We are not able to remove asbestos for you. There are private contractors who can check and remove it for you.
What is asbestos?
Asbestos fibres are strong and resistant to heat and chemicals.
Asbestos was used in a wide range of building materials and products, often as fireproofing.
Asbestos cement was widely used for cladding and can still be found in garages and sheds.
Properties built since the 1980s are unlikely to contain asbestos.
Asbestos fibres may be present in the air in buildings containing asbestos materials, especially where the materials are damaged.
It is very unlikely that the levels of asbestos fibres will be harmful but, if you have damaged asbestos materials in your home you should get advice on what to do from a private contractor.
Why asbestos may be a problem
Old or damaged materials can release fibres into the air. These can be breathed deep into the lungs where they may stay for a long time, causing possible damage. Where there are very high levels of these fibres there is a risk of lung diseases, including cancer.
People who have worked with asbestos for many years as part of their job, or who have washed the dusty clothing of those who worked with asbestos, are most likely to be affected, as well as people who smoke. Workplace laws now protect such people.
Where is asbestos found?
Building materials containing asbestos were widely used from the 1930s but in particular from the 1960s onwards. Asbestos was also used in heat resistant household products, such as oven gloves and ironing boards.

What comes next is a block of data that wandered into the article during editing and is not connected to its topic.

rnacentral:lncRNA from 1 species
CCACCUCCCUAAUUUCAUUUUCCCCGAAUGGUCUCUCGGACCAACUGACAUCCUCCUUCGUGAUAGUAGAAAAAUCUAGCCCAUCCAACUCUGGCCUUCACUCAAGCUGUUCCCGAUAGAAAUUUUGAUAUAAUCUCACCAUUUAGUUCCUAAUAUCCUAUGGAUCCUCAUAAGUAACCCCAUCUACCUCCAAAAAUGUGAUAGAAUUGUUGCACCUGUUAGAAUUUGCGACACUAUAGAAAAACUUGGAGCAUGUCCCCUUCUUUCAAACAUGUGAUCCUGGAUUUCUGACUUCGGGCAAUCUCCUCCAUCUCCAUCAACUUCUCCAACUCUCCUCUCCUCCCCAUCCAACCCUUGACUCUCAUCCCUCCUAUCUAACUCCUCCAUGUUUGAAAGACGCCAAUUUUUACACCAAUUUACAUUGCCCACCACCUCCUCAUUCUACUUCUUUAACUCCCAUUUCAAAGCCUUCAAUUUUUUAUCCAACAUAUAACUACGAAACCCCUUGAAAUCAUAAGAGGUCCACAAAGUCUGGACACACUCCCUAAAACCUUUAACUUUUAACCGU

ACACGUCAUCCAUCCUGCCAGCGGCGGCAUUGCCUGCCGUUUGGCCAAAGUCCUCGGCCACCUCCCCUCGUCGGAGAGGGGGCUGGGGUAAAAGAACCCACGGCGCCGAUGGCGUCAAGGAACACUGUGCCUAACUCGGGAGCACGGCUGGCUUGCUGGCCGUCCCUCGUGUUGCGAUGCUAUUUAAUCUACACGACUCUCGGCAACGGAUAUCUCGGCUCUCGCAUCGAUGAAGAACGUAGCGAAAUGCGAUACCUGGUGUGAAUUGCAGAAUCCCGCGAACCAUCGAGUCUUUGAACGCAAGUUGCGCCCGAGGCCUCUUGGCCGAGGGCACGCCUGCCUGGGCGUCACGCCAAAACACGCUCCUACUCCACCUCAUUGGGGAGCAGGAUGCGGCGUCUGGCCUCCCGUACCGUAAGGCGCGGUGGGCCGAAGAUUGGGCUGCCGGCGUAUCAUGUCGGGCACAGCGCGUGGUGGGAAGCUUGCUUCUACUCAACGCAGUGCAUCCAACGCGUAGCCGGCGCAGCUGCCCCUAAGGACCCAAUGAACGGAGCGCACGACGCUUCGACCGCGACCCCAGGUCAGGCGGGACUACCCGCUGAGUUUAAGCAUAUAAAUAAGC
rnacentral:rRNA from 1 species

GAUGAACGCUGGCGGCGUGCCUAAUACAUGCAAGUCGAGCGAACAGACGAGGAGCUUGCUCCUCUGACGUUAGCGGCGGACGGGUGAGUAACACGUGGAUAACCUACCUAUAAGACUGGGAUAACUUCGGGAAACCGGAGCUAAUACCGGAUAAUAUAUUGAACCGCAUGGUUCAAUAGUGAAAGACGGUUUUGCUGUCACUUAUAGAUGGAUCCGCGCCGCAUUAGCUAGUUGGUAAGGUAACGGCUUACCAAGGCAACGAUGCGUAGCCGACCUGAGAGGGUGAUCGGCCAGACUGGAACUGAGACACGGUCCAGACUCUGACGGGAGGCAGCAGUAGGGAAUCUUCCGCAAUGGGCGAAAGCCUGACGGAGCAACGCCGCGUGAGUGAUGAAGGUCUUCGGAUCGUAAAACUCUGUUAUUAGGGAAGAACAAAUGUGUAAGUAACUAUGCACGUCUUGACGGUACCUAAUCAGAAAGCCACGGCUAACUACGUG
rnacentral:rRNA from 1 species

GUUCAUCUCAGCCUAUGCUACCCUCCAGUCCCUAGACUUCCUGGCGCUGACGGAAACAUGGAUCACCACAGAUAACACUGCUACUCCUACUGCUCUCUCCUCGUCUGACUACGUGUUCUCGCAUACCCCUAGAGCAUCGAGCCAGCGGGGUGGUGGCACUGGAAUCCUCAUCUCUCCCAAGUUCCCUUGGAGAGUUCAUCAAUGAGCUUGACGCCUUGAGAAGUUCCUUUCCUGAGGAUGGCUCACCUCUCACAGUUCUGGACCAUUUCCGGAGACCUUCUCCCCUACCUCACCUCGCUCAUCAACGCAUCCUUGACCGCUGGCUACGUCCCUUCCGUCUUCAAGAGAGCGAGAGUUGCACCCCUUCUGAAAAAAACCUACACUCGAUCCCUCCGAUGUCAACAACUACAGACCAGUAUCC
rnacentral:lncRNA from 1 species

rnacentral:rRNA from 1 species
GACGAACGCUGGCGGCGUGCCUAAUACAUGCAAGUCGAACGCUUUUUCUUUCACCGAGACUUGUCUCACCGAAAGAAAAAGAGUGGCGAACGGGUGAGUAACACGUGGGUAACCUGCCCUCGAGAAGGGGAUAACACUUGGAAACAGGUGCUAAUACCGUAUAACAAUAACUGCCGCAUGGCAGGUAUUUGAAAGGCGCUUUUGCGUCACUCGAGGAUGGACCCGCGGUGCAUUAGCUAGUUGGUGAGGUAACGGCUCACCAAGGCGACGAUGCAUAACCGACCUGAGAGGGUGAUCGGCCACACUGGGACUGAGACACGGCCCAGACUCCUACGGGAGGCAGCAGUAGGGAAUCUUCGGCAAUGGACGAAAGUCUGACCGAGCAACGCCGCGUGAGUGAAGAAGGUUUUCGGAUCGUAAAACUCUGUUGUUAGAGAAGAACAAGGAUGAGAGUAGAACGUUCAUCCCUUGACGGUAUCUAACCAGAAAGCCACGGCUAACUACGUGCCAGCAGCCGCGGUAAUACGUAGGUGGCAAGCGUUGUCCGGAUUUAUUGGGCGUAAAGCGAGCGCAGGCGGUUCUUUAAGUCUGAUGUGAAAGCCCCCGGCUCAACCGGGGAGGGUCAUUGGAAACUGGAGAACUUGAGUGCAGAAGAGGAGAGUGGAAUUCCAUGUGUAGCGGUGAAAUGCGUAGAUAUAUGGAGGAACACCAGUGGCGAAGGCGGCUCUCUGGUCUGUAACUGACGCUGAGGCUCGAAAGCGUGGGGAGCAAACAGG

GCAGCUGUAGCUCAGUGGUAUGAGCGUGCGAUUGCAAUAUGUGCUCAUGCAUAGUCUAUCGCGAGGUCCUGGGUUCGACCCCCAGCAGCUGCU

Typical locations where asbestos may be found around the home are:
- insulating board such as ducts, infill panels, ceiling tiles, wall linings, bath panels and partitions
- lagging used for thermal insulation of pipes and boilers, mainly in public buildings and system built flats
- sprayed coating used for fire protection of structural steel. Often found in system built flats, applied around the core of the building such as service ducts and lift shafts. Most sprayed asbestos has now either been removed or sealed.
- asbestos cement products are the most common material found in many types of building. Profiled sheets for roofing and wall cladding in flat sheets and partition boards for linings to wall and ceilings, bath panels, soffit boards, fire surrounds, flue pipes, cold water tanks and as roofing tiles and slates. Also used in guttering and drainpipes as well as roofing and cladding of garages. Asbestos cement products are unlikely to release high levels of fibres unless they are subject to extreme abrasion or weather damage
- other materials may contain asbestos such as textured paints and plasters, plastic floor tiles, cushion flooring, roofing felts, tapes, ropes and blankets.
How to identify materials containing asbestos
Unless you have a good working knowledge of asbestos, it won't be easy to recognise asbestos in your home.
Please get advice from a private contractor.
What to do if you suspect asbestos in your home
- Avoid disturbing or damaging asbestos materials that are in good condition
- Get advice if you have damaged or deteriorating asbestos material in your home
- Get advice if you suspect your heating system may contain asbestos and it has been disturbed - do not attempt to dismantle these appliances yourself. It is against the law for anyone except trained, licensed professionals to remove and dispose of asbestos.
- Beware when doing DIY. If you are drilling, cutting or sanding materials that you think could be asbestos, check first with a professional.
Asbestos in council housing
All of our contractors have been trained to spot asbestos.
They may call in specialist asbestos contractors who will decide whether to remove the asbestos or seal it.
If the asbestos needs to be removed, it will be removed following all health and safety laws.
The asbestos will only be removed if it is disturbed or damaged and is assessed as being a potential risk to health.
Remember, asbestos in your home is safe as long as its not damaged.
- Asbestos on the HSE website [external link]